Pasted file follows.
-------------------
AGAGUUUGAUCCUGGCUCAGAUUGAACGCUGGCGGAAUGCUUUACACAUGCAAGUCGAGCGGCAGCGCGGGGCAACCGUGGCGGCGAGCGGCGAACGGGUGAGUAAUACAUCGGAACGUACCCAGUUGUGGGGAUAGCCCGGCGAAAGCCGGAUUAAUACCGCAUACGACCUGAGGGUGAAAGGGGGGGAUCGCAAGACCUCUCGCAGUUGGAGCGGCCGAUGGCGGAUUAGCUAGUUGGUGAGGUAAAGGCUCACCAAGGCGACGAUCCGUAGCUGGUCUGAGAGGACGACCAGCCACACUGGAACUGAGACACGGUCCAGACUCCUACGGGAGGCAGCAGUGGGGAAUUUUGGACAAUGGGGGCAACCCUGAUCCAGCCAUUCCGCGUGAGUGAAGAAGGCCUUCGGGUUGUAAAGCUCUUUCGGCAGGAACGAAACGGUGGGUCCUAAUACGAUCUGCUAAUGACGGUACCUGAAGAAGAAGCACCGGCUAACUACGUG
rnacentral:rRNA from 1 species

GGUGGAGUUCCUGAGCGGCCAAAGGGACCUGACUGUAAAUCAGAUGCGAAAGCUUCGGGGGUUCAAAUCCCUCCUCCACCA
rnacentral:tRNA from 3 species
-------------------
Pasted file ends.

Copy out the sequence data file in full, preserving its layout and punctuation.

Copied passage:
AGAGUUUGAUCCUGGCUCAGAUUGAACGCUGGCGGAAUGCUUUACACAUGCAAGUCGAGCGGCAGCGCGGGGCAACCGUGGCGGCGAGCGGCGAACGGGUGAGUAAUACAUCGGAACGUACCCAGUUGUGGGGAUAGCCCGGCGAAAGCCGGAUUAAUACCGCAUACGACCUGAGGGUGAAAGGGGGGGAUCGCAAGACCUCUCGCAGUUGGAGCGGCCGAUGGCGGAUUAGCUAGUUGGUGAGGUAAAGGCUCACCAAGGCGACGAUCCGUAGCUGGUCUGAGAGGACGACCAGCCACACUGGAACUGAGACACGGUCCAGACUCCUACGGGAGGCAGCAGUGGGGAAUUUUGGACAAUGGGGGCAACCCUGAUCCAGCCAUUCCGCGUGAGUGAAGAAGGCCUUCGGGUUGUAAAGCUCUUUCGGCAGGAACGAAACGGUGGGUCCUAAUACGAUCUGCUAAUGACGGUACCUGAAGAAGAAGCACCGGCUAACUACGUG
rnacentral:rRNA from 1 species

GGUGGAGUUCCUGAGCGGCCAAAGGGACCUGACUGUAAAUCAGAUGCGAAAGCUUCGGGGGUUCAAAUCCCUCCUCCACCA
rnacentral:tRNA from 3 species